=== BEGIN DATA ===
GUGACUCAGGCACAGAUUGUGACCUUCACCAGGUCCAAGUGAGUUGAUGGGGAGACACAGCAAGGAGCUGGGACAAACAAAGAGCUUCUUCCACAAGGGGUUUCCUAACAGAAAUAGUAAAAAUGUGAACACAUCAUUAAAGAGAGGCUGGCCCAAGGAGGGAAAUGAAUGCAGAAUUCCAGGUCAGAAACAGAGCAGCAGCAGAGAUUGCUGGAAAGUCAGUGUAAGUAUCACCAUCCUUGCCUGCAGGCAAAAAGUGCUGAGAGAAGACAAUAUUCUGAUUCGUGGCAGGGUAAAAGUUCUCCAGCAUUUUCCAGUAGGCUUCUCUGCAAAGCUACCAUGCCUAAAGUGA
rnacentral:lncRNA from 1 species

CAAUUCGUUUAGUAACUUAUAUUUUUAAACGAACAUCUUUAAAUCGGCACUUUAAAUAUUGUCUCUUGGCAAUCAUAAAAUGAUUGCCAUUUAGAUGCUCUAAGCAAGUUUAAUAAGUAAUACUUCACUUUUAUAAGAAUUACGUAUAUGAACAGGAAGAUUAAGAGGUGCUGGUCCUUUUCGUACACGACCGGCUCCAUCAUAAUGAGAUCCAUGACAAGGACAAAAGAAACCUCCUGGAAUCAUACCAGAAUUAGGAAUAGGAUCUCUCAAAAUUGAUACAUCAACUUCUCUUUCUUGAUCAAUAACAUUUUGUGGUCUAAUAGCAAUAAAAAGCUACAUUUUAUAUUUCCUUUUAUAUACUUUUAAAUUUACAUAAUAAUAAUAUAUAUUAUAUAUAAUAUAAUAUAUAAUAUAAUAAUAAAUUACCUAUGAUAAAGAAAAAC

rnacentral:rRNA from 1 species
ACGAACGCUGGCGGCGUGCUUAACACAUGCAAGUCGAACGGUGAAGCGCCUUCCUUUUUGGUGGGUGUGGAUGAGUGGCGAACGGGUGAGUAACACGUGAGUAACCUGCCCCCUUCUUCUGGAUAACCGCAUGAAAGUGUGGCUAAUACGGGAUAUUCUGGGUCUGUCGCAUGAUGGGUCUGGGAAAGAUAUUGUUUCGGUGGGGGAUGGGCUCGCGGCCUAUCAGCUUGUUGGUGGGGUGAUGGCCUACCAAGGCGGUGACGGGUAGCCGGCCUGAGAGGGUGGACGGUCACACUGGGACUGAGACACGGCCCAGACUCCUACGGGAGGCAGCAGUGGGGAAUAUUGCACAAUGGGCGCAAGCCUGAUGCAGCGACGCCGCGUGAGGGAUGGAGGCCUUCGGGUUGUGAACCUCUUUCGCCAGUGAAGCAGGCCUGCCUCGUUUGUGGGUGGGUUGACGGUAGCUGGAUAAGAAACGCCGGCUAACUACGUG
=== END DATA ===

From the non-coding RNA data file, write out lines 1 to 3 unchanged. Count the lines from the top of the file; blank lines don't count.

GUGACUCAGGCACAGAUUGUGACCUUCACCAGGUCCAAGUGAGUUGAUGGGGAGACACAGCAAGGAGCUGGGACAAACAAAGAGCUUCUUCCACAAGGGGUUUCCUAACAGAAAUAGUAAAAAUGUGAACACAUCAUUAAAGAGAGGCUGGCCCAAGGAGGGAAAUGAAUGCAGAAUUCCAGGUCAGAAACAGAGCAGCAGCAGAGAUUGCUGGAAAGUCAGUGUAAGUAUCACCAUCCUUGCCUGCAGGCAAAAAGUGCUGAGAGAAGACAAUAUUCUGAUUCGUGGCAGGGUAAAAGUUCUCCAGCAUUUUCCAGUAGGCUUCUCUGCAAAGCUACCAUGCCUAAAGUGA
rnacentral:lncRNA from 1 species

CAAUUCGUUUAGUAACUUAUAUUUUUAAACGAACAUCUUUAAAUCGGCACUUUAAAUAUUGUCUCUUGGCAAUCAUAAAAUGAUUGCCAUUUAGAUGCUCUAAGCAAGUUUAAUAAGUAAUACUUCACUUUUAUAAGAAUUACGUAUAUGAACAGGAAGAUUAAGAGGUGCUGGUCCUUUUCGUACACGACCGGCUCCAUCAUAAUGAGAUCCAUGACAAGGACAAAAGAAACCUCCUGGAAUCAUACCAGAAUUAGGAAUAGGAUCUCUCAAAAUUGAUACAUCAACUUCUCUUUCUUGAUCAAUAACAUUUUGUGGUCUAAUAGCAAUAAAAAGCUACAUUUUAUAUUUCCUUUUAUAUACUUUUAAAUUUACAUAAUAAUAAUAUAUAUUAUAUAUAAUAUAAUAUAUAAUAUAAUAAUAAAUUACCUAUGAUAAAGAAAAAC